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date: 31 January 2023



  • Amélie Kuhrt


Orientalism is the title of a study by the distinguished Palestinian literary critic, Edward Said; published in 1978, its impact has been enormous. The central thesis is that the concepts ‘Europe’ and ‘Orient’, as polar opposites, have been created by Europeans, particularly in the context of European imperialism, to provide a positive, strong image of Europe, with which eastern civilizations (especially the Muslim world) can be negatively contrasted. The ‘Orient’ is thus presented as lacking all desirable, active characteristics: it is effeminate, decadent, corrupt, voluptuous, despotic, and incapable of independent creative development. This pervasive perception of ‘the east’ underlies most studies of Middle Eastern history and culture and has profoundly shaped scholarly analysis. Although most of Said's study is devoted to the 18th to 20th cents. he argues that Oriental stereotypes derive much of their imagery from early Greek literary works (e.g. *Herodotus(1); *Aeschylus' Persae). This has led several classicists and ancient historians to refocus their work and explore consciously the assumptions made in some traditional areas of study. As a result, standard approaches to several subjects are now being scrutinized and radically reassessed. Most prominent among these are: the development of Greek art, in particular the ‘*orientalizing’ phase, Greek tragedy, and Achaemenid and Hellenistic history.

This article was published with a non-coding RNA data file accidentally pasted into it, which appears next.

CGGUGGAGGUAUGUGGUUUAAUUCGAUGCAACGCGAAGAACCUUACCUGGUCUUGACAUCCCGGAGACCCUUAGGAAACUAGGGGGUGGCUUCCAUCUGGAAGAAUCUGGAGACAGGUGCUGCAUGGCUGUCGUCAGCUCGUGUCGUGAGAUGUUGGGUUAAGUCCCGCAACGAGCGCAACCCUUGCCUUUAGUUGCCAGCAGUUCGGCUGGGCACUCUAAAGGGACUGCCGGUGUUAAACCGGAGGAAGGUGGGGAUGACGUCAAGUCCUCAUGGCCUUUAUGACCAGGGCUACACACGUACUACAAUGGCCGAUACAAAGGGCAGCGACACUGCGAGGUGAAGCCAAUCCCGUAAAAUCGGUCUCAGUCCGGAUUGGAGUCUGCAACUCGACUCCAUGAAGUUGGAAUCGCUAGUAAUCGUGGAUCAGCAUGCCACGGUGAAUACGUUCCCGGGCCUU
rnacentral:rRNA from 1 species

• Near East

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